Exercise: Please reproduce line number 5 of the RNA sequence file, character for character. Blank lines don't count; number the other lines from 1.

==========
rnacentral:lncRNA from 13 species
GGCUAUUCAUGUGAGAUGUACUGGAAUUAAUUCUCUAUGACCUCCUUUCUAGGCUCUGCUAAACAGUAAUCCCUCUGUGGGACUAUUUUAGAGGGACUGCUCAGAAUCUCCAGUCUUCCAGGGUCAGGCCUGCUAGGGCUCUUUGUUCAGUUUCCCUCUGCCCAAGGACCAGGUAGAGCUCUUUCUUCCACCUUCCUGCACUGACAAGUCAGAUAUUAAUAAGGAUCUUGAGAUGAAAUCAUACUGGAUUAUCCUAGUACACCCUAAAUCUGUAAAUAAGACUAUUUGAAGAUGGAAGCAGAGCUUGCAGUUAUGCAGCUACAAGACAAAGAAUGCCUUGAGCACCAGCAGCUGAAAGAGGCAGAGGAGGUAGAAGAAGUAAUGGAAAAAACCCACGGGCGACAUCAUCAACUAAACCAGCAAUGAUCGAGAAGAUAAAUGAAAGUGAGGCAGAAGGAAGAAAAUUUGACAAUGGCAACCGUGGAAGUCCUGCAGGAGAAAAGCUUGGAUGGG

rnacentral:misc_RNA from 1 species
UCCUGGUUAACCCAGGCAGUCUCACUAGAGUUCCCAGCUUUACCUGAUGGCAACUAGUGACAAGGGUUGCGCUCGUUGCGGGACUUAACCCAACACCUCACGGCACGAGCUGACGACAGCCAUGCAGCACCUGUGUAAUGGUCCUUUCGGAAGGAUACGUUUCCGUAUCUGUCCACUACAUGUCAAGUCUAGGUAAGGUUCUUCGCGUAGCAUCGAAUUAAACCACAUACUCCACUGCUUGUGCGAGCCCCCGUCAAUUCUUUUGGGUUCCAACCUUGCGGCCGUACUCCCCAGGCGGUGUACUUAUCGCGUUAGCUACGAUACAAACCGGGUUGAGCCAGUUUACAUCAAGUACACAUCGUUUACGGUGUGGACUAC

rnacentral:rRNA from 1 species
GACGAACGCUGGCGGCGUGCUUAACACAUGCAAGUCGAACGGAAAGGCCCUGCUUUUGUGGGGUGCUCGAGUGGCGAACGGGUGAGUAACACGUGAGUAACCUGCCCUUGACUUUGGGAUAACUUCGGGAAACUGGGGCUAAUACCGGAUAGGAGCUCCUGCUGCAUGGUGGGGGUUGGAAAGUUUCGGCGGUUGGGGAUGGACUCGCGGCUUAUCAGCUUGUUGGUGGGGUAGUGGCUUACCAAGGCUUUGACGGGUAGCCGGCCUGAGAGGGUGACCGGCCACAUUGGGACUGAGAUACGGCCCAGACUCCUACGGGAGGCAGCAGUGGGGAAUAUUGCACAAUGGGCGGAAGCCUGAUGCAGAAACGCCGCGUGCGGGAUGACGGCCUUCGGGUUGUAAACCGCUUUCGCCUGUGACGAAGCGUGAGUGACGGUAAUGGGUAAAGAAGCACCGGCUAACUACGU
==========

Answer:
rnacentral:rRNA from 1 species